December 31, 2016

EVERY GREAT STORY IS A LOVE STORY...BETWEEN MEN:

As Iron Sharpens Iron : Review: Sebastian Smee, 'The Art of Rivalry: Four Friendships, Betrayals, and Breakthroughs in Modern Art (Bruce Fleming, December 31, 2016, Free Beacon)

Male-male relations, if they are not sexual, are rarely considered these days, generally absent from the mental screen of those who consider men and women. Now all are reduced to the abstraction of "gender." Or rather men are. Sisterhood is powerful; OK, sure. The closest we get to a male version of this is the military's idea of "band of brothers," men united by combat. But this is increasingly under siege, as now women are to be admitted to all branches of the military and into all realms of combat. So much for the notion of the band of brothers. Now perhaps the band of humanoids?

And it's not just the military. Straight men aren't the flavor of the month. Nobody cares about their odd ballet of love and hate with each other. Of course I do, and so do many other men. It's just that we can't let on that we do. Sebastian Smee, the art critic for the Boston Globe, also cares. But in what seems like a clever sleight-of-hand, his book about the way men bond and compete with each other as dearly loved rivals is offered as (and will clearly be sold as) "art history" rather than as Men's Studies: The Art of Rivalry: Four Friendships, Betrayals, and Breakthroughs in Modern Art.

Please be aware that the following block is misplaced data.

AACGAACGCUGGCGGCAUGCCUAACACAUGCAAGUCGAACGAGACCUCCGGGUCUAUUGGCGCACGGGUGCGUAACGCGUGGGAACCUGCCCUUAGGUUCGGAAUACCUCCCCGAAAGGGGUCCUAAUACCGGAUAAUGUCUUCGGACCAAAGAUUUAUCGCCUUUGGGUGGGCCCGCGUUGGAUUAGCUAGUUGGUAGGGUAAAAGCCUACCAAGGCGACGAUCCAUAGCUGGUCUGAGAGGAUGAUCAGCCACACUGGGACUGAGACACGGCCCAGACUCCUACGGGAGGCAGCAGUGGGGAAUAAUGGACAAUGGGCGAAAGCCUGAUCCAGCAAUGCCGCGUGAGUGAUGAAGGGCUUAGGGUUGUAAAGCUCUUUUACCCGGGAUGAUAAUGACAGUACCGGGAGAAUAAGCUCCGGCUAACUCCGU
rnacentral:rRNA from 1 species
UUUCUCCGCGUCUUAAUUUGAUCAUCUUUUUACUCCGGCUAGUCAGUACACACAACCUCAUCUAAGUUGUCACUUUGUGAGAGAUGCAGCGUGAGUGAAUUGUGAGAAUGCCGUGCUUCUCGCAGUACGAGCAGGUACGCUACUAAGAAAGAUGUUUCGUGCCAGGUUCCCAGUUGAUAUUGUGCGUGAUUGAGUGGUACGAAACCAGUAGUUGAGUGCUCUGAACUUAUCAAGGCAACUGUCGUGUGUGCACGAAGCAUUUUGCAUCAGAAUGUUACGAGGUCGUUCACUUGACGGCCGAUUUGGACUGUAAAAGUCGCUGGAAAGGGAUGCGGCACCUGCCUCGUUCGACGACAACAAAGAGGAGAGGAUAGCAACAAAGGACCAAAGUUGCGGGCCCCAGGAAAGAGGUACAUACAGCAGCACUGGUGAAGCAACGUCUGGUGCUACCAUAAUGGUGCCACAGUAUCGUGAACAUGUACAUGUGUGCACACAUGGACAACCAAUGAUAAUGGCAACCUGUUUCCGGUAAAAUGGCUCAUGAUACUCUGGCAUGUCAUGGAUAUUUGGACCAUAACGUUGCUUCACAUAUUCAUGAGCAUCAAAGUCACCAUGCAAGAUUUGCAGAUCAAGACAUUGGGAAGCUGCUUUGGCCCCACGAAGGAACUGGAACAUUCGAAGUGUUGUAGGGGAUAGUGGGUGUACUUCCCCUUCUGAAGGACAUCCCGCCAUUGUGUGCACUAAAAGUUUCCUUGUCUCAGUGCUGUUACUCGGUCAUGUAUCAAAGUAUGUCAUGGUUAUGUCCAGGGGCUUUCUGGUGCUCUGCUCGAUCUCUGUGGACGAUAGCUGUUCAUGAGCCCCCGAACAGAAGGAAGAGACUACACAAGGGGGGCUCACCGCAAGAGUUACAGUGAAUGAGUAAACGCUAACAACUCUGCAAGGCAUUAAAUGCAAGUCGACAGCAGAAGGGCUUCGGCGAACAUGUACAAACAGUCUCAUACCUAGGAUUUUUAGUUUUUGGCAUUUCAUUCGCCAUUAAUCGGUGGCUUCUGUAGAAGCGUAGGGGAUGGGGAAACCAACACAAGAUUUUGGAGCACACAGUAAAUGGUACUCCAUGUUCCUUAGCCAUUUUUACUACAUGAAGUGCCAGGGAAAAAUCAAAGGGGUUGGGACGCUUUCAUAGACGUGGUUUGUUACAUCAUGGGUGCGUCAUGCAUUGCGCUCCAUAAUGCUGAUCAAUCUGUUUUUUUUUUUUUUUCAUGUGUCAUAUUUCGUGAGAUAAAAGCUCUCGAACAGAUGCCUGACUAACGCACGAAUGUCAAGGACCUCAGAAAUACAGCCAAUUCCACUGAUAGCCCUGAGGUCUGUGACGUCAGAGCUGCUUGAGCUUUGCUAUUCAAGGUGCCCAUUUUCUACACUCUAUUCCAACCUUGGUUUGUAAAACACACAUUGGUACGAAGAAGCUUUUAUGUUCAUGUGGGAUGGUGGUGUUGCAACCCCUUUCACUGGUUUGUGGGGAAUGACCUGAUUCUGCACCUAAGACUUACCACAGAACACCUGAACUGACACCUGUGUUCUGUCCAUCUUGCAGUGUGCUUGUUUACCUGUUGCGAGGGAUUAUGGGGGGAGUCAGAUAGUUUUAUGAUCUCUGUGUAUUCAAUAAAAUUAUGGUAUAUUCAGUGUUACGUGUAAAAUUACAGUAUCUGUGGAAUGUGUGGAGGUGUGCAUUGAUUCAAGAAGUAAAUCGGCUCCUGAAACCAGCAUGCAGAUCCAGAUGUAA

Say it loud and say it proud: Straight men both love and hate each other. Why wouldn't we? Our nature as the king of our small preserve means that other men fall either into the category of threats or bosom buddies. Or go from one to the other. We compete with each other, but we know that we're the closest the other has to a mirror image. Do we love each other more than we hate each other? Or the reverse? Things can get messy.

Ilsa is incidental to Casablanca.  Rick and Louis find love.


Posted by at December 31, 2016 9:13 AM

  

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